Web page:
Adjectives Grammar Index Page

Degrees of Adjectives

Latin adjectives can appear in three different forms, called degrees.

I. Positive Degree

This is the form in which an adjective is listed in a vocabulary or dictionary, such as:

acer, acris, acre - keen, sharp iratus, a, um - angry pinguis, pingue - fat
bonus, a, um - good laetus, a, um - happy prudens, prudentis - wise, sensible
celer, celeris, celere - swift magnus, a, um - large, great pulcher, pulchra, pulchrum - beautiful
facilis, facile - easy nobilis, nobile - noble stultus, a, um - stupid

Some of these adjectives belong to the first and second declension and some to the third declension. They never leave their declensions while they are positive degree adjectives, no matter what the declension of the noun that they modify. They must always agree in gender, case and number with their noun, and they may happen to agree in declension too. Thus, you will see such combinations as:

1st/2nd declension adjective & 1st, 2nd, 3rd declension nouns

3rd declension adjective & 1st, 2nd, 3rd declension plural nouns

II. Comparative Degree

In English, represented by the "more ----- " or "-----er" forms. In Latin, by endings that incorporate -ior or -ius. To form the comparative, add -ior to the stem. The only exception is that -ius, instead of -ior, is added to the stem for the neuter nominative and accusative singular forms. The comparative adjective in Latin is always declined in the 3rd declension:

iratior, iratius
- angrier laetior, laetius
- happier stultior, stultius
- more foolish
prudentior, -ius
- more sensible pinguior, pinguius
- fatter nobilior, nobilius
- nobler
facilior, facilius
- easier pulchrior, pulchrius
- more beautiful celerior, celerius
- swifter
acrior, acrius
- keener  

Notice above that pulcher and acer drop out -e-, so that the stem is pulchr- or acr-, and the comparative form is built on that stem. Magnus and bonus, two very common adjective, have irregular forms that are discussed on the Irregular adjective page. Remember, a comparative form belongs ONLY to the third declension, regardless of the declension of its positive form. Examine the declensionined noun-adjective pairs below:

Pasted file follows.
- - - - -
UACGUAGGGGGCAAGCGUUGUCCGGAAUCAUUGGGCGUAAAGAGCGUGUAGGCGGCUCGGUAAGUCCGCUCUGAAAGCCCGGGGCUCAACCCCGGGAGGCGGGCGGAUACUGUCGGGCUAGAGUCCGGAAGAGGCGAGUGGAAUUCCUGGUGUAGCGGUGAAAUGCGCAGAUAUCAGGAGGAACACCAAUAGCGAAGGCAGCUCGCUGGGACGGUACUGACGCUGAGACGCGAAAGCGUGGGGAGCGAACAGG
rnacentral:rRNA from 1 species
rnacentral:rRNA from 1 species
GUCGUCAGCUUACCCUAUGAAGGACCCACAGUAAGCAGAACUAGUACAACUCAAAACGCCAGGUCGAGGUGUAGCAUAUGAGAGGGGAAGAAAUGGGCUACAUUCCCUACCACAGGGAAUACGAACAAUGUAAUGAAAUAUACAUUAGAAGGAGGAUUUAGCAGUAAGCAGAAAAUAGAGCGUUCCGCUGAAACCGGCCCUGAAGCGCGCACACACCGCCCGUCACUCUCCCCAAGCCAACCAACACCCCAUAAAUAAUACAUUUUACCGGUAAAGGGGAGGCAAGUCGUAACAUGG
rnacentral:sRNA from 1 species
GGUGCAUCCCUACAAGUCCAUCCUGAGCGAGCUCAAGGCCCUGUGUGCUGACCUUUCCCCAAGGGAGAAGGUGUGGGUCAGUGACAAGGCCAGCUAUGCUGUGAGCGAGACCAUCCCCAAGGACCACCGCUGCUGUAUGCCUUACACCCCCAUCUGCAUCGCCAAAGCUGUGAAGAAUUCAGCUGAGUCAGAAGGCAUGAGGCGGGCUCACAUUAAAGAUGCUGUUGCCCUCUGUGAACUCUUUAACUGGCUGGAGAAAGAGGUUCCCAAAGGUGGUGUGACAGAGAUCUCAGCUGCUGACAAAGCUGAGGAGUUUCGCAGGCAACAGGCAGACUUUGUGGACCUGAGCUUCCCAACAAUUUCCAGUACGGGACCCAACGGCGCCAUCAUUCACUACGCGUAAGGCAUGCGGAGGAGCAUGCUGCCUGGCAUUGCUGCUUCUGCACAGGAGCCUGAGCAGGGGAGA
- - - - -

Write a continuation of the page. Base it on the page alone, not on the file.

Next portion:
Masculine Feminine Neuter
nom. novior vir novior femina novius tempus
gen. novioris viri novioris feminae novioris temporis
dat. noviori viro noviori feminae noviori tempori
acc. noviorem virum noviorem feminam novius tempus
abl. noviore viro noviore feminâ noviore tempori
nom. noviores viri noviores feminae noviora tempora
gen. noviorum viriorum noviorum feminarum noviorum temporum
dat. novioribus virîs novioribus feminîs novioribus temporibus
acc. noviores viros noviores feminas noviora tempora
abl. novioribus virîs novioribus feminîs novioribus temporibus

Often a comparison will contain quam because it is stating that one person or thing is more "------" than another person or thing is: A rabbit is faster than a tortoise (is) = Lepus celerior est quam testudo (est). Keep that in mind when you are translating the practice sentences below.

III. Superlative Degree

In English, represented by "most -----" or "very -----" or "-----est". In Latin, the superlative is indicated by ----issimus,-a,-um, ----illimus,-a,-um, or ----errimus,-a,-um. A superlative adjective in Latin is ALWAYS declined in the 1st and 2nd declensions. To form the superlative, add -issimus to the stem of the adjective. Decline the new adjective like "altus". There are two variations on this rule:

If the adjective ends in the nominative masculine singular in -er, double the r and then add -imus,-a,-um. For example, celer becomes celerrimus.

If the adjective is facilis, difficilis, similis, dissimilis, gracilis or humilis, double the l and then add -imus,-a,-um. For example, difficillimus. (All other adjective whose positive form ends in -lis will add the normal ending -issimus.)

iratissimus, -a, -um - very angry laetissimus, -a, -um - happiest stultissimus, -a, -um - most foolish
prudentissimus, -a, -um - most wise pinguissimus, -a, -um - fattest nobilissimus,-a, -um - very noble
facillimus, -a, -um - easiest pulcherrimus, -a, -um - most beautiful celerrimus, -a, -um - swiftest
acerrimus, -a, -um - very keen  

The superlative forms of magnus and bonus also have irregular spellings and are discussed on the Irregular adjective page.

Practice Sentences

Translate the following sentences.

  1. Mercator est tristis; senex est tristissimus.
  2. Canis erat ferox; porcus erat ferior; leo erat ferocissimus.
  3. Amicus fabulam longissimam narravit.
  4. Murmillones erant fortes sed retiarii erant fortissimi.
  5. Urbs est pulchra sed mons est pulcherrimus.
  6. Nos Romani sumus fortiores quam vos Graeci.
  7. Aurelia irata est sed Cornelius iratior quam Aurelia.
  8. Melissa est pulcherrima; Cornelia est pulchrior quam Metella. Estne Cornelia pulchrior quam Melissa?
  9. Cerberus est fortissimus canis.
  10. Iovis est potentior quam Iuno; est potentissimus omnium deorum.

Answer Key - Check your work

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